Despite how society relies on the discoveries of technicians and scientists around the globe, labs often find themselves woefully underfunded. As a lab manager, you know that every penny counts and that all eyes are on you when it comes to meeting your numbers. Here are a few tips on how to make the most of your laboratory budget and keep making progress in your field.
Shop With an Open Mind and Careful Eye
No matter how analytical a mind you possess, businesses will still do everything in their power to convince you to buy the fanciest tool available for your lab. Gadgets and additional programs are attractive incentives to spend more, but high-cost luxury equipment doesn’t always pair well with a tight budget.
Keep an open mind when it comes to less over-the-top and even used tools. Know what you’re looking for before going in, such as a warranty, repair history, and cleanliness. An investment in high-quality lab equipment benefits your work in many ways, but extravagant prices don’t always mean that piece of equipment is suitable for your lab. Consider all your options before you buy.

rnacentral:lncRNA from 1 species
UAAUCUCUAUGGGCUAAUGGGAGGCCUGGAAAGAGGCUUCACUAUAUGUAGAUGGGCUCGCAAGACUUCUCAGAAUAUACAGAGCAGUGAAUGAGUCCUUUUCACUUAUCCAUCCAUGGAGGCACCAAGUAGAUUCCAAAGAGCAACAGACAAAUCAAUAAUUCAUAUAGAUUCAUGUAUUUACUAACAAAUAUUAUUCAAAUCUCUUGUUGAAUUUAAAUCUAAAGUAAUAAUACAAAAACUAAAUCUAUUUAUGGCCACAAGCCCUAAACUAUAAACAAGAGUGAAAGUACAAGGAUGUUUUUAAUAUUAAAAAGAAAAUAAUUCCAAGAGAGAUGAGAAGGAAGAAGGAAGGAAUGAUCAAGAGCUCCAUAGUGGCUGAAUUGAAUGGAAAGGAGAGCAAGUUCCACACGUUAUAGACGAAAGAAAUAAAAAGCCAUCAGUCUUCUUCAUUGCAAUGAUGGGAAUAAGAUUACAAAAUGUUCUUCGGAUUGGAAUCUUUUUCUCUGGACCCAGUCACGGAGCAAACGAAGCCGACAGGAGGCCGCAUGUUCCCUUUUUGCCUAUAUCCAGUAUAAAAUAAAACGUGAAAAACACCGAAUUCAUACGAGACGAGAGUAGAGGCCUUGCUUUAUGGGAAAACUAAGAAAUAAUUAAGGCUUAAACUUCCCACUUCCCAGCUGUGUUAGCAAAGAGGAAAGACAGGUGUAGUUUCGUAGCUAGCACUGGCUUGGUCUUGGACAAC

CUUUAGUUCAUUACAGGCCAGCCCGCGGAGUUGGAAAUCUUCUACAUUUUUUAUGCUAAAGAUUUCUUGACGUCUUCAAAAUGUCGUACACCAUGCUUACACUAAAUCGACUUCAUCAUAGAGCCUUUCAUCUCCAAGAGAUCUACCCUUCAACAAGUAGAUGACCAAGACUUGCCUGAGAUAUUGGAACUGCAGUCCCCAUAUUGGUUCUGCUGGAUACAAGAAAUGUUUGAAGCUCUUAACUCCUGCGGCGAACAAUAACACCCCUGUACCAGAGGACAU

Keep Everyone Organized
Budgets get stretched thinner by avoidable human error. We lose things, hide them from ourselves, and break what we don’t know how to use correctly. Proper organization is a preventative tool that protects both your team and your wallet. Effective labeling, clear procedures, and even color-coding of the process all guide your technicians through their day and limit the issues that nickel and dime your lab into the red.
Don’t Shy Away From Bulk Purchases
If you know you’re going to use it, look for supplies in bulk. Manufacturers and retailers typically offer decent discounts for large purchases and can shave off a decent portion of your overall spending even though the initial cost seems higher. Pipet tips, reagent bottles, and corning caps are just a few of the supplies your lab could find cheaper in large quantities.
With these tips, you can make the most of a laboratory budget. Without costs weighing on your shoulders, you can continue to further the careers of teammates, make an impact as a woman in science, and give the public tools and knowledge for healthier, safer, and more informed living.